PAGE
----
The Country and the City: Explorations of the Relationship between Río Amarillo and Copan, in the Copan Valley, Honduras
Cities and the communities in their hinterlands are inextricably linked, and yet the objectives of their inhabitants can be starkly different. The archaeological sites of Río Amarillo and Quebrada Piedras Negras shared a fertile plain along the Río Amarillo and Río Blanco Rivers. Several scholars have suggested that the arable fields here may have acted as a bread basket for the urban center to their west. Research at Rio Amarillo has yielded evidence of strong ties to Copan including architectural forms, and iconography on altars, a structure, and a censer that broadcast the power of the city, and in particular, evince respect and veneration for the Copan dynasty founder, K’inich Yax K’uk’ Mo’. Patterns of construction, destruction, and collapse in the center of Rio Amarillo suggest however, that the city to its west did not maintain its hold on this community throughout the entirety of the Late Classic period, but that this control faltered when the rulers of the city faltered. This paper will explore the various identities expressed in groups excavated in "the country" and the agency of the inhabitants who buffered their success by maintaining strong ties to both the west and the east.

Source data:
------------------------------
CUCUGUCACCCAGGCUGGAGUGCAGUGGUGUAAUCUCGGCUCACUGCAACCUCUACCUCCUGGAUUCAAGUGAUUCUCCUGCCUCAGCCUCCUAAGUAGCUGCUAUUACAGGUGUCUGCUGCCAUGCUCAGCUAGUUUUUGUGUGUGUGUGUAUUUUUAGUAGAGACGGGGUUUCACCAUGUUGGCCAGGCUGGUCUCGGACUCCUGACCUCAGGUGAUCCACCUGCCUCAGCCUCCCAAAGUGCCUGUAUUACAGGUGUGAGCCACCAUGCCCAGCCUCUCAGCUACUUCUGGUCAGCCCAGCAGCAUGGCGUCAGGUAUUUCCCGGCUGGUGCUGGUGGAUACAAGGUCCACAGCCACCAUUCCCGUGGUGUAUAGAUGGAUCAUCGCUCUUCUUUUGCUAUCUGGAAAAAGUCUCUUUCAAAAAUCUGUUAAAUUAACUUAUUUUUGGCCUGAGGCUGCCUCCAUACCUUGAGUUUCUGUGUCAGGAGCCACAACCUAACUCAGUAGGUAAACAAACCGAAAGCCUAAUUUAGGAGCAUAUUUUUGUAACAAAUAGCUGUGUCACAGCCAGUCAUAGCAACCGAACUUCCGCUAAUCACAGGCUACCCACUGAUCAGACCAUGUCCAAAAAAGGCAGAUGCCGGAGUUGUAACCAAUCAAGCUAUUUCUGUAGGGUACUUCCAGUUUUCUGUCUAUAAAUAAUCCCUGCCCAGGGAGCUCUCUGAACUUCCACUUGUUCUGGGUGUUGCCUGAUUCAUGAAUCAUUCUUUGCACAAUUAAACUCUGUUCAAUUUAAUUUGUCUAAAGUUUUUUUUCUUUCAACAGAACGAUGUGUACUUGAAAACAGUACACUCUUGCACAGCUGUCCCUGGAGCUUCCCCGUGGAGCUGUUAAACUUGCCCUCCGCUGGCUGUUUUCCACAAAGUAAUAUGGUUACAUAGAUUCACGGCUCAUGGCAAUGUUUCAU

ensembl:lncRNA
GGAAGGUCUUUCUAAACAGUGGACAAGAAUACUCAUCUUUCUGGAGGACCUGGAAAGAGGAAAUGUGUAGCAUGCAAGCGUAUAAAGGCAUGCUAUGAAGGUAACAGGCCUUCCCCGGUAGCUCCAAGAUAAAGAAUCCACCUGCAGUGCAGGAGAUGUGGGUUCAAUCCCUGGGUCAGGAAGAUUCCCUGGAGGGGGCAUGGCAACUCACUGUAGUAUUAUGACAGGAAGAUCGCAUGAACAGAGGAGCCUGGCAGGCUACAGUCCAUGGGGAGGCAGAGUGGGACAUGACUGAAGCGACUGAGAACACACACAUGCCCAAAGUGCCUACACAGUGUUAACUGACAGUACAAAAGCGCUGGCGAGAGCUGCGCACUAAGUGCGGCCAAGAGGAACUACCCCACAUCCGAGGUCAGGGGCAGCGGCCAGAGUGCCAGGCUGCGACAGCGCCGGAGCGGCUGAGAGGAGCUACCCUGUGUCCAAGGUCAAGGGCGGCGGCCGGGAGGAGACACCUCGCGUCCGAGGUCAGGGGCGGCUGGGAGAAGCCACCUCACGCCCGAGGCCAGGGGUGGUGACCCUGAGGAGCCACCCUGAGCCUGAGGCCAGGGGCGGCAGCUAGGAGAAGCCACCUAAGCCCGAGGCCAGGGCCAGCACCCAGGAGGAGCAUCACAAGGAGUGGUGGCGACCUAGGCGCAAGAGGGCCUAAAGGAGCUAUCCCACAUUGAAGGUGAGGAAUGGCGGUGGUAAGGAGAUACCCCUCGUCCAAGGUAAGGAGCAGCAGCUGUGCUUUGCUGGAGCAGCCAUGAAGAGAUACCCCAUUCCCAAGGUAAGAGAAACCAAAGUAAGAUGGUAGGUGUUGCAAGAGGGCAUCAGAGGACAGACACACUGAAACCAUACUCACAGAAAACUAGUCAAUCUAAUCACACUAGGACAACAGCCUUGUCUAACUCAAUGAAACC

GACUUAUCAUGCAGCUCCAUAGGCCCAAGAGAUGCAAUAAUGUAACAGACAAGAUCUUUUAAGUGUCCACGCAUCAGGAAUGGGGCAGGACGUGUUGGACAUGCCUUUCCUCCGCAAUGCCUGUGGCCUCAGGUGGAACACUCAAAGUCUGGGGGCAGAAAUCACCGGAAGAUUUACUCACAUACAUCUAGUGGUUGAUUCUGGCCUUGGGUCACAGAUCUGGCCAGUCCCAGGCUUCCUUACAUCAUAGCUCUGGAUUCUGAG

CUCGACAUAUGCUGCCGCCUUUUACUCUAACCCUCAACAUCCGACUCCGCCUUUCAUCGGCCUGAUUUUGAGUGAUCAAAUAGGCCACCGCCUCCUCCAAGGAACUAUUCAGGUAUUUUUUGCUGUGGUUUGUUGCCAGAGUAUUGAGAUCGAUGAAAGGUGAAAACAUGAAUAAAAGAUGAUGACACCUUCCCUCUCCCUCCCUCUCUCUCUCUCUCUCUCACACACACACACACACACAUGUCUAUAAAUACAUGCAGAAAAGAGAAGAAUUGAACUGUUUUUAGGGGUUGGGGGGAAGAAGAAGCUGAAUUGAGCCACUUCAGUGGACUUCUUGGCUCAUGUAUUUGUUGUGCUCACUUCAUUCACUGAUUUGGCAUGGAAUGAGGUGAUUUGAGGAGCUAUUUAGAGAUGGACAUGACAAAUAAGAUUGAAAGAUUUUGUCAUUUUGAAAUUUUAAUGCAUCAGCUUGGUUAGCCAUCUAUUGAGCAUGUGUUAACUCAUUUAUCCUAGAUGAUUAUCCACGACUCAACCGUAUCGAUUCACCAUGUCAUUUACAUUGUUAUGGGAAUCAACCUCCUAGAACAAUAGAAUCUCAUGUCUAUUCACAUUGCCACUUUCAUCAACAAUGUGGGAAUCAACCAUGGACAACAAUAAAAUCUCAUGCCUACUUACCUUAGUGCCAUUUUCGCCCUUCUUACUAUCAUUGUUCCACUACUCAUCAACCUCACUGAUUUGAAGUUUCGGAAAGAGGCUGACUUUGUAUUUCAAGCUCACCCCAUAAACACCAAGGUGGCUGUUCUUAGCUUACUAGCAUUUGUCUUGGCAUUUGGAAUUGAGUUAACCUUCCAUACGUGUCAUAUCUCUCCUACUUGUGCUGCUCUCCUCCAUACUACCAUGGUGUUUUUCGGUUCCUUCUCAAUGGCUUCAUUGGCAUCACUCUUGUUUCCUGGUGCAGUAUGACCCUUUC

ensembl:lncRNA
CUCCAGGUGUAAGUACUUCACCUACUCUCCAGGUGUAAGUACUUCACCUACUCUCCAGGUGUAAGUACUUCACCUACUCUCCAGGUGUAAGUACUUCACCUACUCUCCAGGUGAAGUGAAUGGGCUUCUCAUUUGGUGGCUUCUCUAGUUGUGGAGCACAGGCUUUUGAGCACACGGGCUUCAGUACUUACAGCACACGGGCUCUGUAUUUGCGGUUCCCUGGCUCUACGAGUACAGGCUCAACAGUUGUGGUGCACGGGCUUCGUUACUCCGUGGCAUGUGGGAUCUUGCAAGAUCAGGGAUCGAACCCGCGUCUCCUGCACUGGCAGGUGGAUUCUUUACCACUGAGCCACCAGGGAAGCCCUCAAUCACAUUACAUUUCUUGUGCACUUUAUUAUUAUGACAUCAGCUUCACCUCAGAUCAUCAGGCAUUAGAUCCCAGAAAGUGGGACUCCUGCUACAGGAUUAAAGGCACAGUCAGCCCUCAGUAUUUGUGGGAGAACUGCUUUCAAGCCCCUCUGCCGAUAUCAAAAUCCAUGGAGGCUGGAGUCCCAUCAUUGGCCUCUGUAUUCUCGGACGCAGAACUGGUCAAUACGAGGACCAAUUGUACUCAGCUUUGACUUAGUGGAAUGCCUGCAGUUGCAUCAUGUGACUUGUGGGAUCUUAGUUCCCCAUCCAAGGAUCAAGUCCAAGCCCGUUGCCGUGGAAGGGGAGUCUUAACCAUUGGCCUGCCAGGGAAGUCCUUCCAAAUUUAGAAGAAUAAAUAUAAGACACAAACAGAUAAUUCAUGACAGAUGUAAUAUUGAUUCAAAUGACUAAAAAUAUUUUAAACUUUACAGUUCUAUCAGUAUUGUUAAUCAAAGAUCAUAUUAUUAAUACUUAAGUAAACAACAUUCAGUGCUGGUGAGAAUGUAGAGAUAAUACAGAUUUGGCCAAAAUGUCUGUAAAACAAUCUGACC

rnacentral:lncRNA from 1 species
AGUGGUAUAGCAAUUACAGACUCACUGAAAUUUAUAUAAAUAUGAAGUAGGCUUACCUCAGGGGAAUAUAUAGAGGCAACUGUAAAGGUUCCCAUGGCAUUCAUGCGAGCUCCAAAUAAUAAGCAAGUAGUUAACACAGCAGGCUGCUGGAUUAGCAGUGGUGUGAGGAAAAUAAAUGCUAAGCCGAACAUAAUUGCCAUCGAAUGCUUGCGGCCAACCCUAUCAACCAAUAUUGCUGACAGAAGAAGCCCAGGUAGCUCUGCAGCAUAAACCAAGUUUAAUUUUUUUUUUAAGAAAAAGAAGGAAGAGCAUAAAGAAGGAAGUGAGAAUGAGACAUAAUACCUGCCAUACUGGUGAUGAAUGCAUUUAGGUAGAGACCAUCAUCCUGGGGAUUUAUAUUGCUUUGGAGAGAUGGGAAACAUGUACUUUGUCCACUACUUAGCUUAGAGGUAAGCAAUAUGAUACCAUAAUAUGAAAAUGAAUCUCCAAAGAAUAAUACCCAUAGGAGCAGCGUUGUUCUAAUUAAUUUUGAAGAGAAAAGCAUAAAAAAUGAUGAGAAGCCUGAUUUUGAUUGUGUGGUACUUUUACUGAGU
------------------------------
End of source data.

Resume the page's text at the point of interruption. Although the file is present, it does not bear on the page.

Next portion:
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The Country and the City: Explorations of the Relationship between Río Amarillo and Copan, in the Copan Valley, Honduras. Edy Barrios, Cameron L. McNeil, Mauricio Díaz, Walter Burgos, Antolín Velásquez. Presented at The 82nd Annual Meeting of the Society for American Archaeology, Washington, DC. 2018 ( tDAR id: 443836)
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min long: -107.271; min lat: 12.383 ; max long: -86.353; max lat: 23.08 ;
Abstract Id(s): 21952